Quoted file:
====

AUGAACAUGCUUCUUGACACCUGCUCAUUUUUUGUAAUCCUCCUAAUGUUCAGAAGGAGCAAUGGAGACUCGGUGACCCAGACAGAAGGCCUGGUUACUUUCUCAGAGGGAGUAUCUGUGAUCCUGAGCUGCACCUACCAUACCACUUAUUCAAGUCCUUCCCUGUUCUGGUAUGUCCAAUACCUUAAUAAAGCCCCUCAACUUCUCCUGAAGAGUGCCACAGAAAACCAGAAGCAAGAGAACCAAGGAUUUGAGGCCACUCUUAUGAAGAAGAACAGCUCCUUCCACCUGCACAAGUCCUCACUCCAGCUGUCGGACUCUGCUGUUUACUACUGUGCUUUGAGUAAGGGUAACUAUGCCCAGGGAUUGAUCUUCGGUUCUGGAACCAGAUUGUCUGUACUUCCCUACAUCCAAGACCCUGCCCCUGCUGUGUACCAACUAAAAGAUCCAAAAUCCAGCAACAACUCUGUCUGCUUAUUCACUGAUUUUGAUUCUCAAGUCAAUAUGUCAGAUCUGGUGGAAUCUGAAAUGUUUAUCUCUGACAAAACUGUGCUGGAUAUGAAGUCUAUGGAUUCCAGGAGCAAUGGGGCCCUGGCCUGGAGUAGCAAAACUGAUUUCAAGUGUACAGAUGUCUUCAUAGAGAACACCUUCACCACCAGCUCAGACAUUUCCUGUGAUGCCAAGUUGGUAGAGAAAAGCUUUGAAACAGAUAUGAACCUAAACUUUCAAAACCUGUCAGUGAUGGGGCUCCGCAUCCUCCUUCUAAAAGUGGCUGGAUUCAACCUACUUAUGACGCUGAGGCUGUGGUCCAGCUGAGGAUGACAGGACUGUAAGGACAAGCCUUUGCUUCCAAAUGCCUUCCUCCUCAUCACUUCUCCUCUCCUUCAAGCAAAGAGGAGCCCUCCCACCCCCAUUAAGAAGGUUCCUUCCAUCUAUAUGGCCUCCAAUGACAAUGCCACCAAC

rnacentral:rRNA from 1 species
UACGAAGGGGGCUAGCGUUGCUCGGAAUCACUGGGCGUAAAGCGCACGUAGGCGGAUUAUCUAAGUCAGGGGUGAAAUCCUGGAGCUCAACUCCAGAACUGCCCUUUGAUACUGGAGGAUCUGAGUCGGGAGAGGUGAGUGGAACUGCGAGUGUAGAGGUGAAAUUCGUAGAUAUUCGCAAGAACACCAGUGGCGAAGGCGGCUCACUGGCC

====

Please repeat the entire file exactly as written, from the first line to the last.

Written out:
AUGAACAUGCUUCUUGACACCUGCUCAUUUUUUGUAAUCCUCCUAAUGUUCAGAAGGAGCAAUGGAGACUCGGUGACCCAGACAGAAGGCCUGGUUACUUUCUCAGAGGGAGUAUCUGUGAUCCUGAGCUGCACCUACCAUACCACUUAUUCAAGUCCUUCCCUGUUCUGGUAUGUCCAAUACCUUAAUAAAGCCCCUCAACUUCUCCUGAAGAGUGCCACAGAAAACCAGAAGCAAGAGAACCAAGGAUUUGAGGCCACUCUUAUGAAGAAGAACAGCUCCUUCCACCUGCACAAGUCCUCACUCCAGCUGUCGGACUCUGCUGUUUACUACUGUGCUUUGAGUAAGGGUAACUAUGCCCAGGGAUUGAUCUUCGGUUCUGGAACCAGAUUGUCUGUACUUCCCUACAUCCAAGACCCUGCCCCUGCUGUGUACCAACUAAAAGAUCCAAAAUCCAGCAACAACUCUGUCUGCUUAUUCACUGAUUUUGAUUCUCAAGUCAAUAUGUCAGAUCUGGUGGAAUCUGAAAUGUUUAUCUCUGACAAAACUGUGCUGGAUAUGAAGUCUAUGGAUUCCAGGAGCAAUGGGGCCCUGGCCUGGAGUAGCAAAACUGAUUUCAAGUGUACAGAUGUCUUCAUAGAGAACACCUUCACCACCAGCUCAGACAUUUCCUGUGAUGCCAAGUUGGUAGAGAAAAGCUUUGAAACAGAUAUGAACCUAAACUUUCAAAACCUGUCAGUGAUGGGGCUCCGCAUCCUCCUUCUAAAAGUGGCUGGAUUCAACCUACUUAUGACGCUGAGGCUGUGGUCCAGCUGAGGAUGACAGGACUGUAAGGACAAGCCUUUGCUUCCAAAUGCCUUCCUCCUCAUCACUUCUCCUCUCCUUCAAGCAAAGAGGAGCCCUCCCACCCCCAUUAAGAAGGUUCCUUCCAUCUAUAUGGCCUCCAAUGACAAUGCCACCAAC

rnacentral:rRNA from 1 species
UACGAAGGGGGCUAGCGUUGCUCGGAAUCACUGGGCGUAAAGCGCACGUAGGCGGAUUAUCUAAGUCAGGGGUGAAAUCCUGGAGCUCAACUCCAGAACUGCCCUUUGAUACUGGAGGAUCUGAGUCGGGAGAGGUGAGUGGAACUGCGAGUGUAGAGGUGAAAUUCGUAGAUAUUCGCAAGAACACCAGUGGCGAAGGCGGCUCACUGGCC